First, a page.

These regional changes in ozone are the result of a combination of changed emissions within each region, and background influences due to increases in emissions in other regions and growth in the global background ozone concentration itself. Fig. 2 shows the regional changes in emissions in the 2030 scenarios, relative to the 2000 base simulation. In the A2 scenario, emissions of CO, NOx, and NMVOCs increase in all world regions. While the absolute growth in emissions in South Asia is not larger than in other regions, it has the highest growth in population-weighted ozone. The Middle East, Africa, and Southeast Asia also have large increases in ozone, despite the fact that emissions increases are comparable to those in East Asia and North America. This suggests that the production of ozone per unit change in emissions is greater in tropical regions than in temperate regions, which is consistent with other model results [16].

Fig. 2

Changes in surface emissions in three 2030 scenarios relative to the 2000 case, in ten world regions, for (a) NOx, (b) CO, and (c) NMVOCs. Global emissions in 2000 (from all surface sources) were 43.5 TgN yr−1 for NOx, 1080 Tg yr−1 for CO, and 821 TgC yr−1 for NMVOCs.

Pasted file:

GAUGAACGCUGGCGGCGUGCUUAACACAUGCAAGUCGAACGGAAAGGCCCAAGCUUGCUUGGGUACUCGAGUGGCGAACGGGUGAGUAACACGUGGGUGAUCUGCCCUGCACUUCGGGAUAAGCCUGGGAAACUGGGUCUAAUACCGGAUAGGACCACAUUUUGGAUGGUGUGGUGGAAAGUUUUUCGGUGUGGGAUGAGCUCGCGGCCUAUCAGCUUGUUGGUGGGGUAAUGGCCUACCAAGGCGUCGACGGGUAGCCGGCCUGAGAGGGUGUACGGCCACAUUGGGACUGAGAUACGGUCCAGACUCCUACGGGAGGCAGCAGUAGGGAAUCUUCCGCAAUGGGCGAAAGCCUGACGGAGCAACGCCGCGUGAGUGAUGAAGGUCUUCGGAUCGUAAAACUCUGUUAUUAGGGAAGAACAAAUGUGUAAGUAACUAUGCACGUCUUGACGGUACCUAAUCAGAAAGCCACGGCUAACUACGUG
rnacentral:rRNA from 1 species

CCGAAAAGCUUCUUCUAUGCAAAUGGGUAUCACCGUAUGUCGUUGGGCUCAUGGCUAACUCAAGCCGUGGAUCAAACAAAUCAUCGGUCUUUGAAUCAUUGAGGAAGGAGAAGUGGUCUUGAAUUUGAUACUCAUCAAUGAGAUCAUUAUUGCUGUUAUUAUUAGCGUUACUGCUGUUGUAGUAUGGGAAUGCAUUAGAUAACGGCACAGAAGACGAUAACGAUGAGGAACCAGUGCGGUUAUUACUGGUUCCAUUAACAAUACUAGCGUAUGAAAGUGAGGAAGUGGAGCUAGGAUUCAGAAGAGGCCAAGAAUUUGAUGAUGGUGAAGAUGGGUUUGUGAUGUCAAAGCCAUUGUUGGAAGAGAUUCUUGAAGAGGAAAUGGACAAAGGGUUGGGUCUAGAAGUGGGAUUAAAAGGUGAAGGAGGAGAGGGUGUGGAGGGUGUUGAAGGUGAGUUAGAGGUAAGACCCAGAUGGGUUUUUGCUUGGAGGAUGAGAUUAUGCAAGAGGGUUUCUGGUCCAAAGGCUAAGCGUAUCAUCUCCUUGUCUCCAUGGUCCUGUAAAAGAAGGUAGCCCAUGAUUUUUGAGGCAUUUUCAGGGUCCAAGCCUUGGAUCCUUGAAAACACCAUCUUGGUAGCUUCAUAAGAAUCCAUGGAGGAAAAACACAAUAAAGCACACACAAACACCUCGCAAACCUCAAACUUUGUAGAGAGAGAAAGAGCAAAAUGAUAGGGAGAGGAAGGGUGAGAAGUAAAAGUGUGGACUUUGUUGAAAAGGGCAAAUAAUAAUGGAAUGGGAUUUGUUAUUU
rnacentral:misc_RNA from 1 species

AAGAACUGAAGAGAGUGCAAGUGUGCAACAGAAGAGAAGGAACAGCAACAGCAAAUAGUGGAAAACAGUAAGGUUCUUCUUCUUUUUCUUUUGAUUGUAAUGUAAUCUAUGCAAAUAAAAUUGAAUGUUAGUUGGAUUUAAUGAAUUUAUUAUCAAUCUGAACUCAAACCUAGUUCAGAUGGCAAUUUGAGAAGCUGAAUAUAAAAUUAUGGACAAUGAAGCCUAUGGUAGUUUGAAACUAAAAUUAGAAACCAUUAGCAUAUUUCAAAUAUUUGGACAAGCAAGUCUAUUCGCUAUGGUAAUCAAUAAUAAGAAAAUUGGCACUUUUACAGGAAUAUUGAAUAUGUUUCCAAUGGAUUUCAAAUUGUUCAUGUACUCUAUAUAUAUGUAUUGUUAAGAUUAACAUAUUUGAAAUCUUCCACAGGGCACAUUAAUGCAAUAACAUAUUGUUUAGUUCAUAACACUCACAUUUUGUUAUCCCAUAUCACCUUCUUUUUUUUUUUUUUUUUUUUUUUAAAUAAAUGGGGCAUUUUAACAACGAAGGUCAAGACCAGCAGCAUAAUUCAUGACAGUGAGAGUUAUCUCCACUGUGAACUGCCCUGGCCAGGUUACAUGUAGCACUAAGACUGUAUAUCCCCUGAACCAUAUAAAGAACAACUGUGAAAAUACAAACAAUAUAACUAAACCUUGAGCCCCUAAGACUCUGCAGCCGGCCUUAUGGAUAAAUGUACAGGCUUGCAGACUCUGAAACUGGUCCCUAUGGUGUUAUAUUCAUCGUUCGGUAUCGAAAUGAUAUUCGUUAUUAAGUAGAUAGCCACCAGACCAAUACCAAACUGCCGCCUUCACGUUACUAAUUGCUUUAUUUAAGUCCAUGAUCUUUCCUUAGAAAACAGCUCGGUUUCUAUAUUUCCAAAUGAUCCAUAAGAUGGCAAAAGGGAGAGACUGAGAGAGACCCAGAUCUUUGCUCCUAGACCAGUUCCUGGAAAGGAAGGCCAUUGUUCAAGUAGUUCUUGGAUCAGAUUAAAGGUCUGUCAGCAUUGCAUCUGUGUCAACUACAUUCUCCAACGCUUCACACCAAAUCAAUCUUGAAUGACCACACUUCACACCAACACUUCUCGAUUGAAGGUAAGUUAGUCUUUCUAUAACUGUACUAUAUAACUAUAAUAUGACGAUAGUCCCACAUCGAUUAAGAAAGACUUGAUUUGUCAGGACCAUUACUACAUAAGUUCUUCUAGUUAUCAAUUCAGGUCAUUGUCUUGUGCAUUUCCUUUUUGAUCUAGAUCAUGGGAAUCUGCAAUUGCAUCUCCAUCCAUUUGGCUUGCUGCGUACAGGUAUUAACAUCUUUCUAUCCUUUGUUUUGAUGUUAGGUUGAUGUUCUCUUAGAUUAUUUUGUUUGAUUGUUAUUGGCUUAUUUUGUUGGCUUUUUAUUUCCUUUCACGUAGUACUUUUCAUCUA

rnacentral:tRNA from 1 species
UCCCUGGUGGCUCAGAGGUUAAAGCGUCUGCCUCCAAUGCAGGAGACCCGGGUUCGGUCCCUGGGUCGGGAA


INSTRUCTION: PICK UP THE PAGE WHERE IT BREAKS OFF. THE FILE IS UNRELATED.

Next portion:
Fig. 2. Changement d’émissions dans les trois scénarios 2030 par rapport aux émissions actuelles (2000), pour dix régions du monde, pour (a) les NOx, (b) le CO et (c) les NMVOCs. Note : Les émissions mondiales en 2000 (pour toutes les sources de surface) étaient de 43,5 TgN yr−1 pour les NOx, 1080 Tg yr−1 pour CO, et 821 TgC yr−1 pour les NMVOCs.

The population-weighted ozone is likewise projected to increase in all world regions in the CLE scenario, again with very large increases in South Asia (9 ppbv). Ozone increases in the CLE scenario despite decreases in NOx emissions in Europe, the former Soviet Union, Japan, and Australia, due to the increase in global ozone concentrations and long-range transport [25]. Ozone is estimated to decrease in all regions in the MFR scenario, relative to 2000, with the largest decreases in East Asia, the Middle East, and South Asia. The increase in all regions under CLE, and decrease in MFR is consistent with results from several models [7]; our reported ozone changes are greater than Dentener et al. [7] reported, because of our use of population-weighted 8-h ozone indicators, rather than area-weighted annual averages.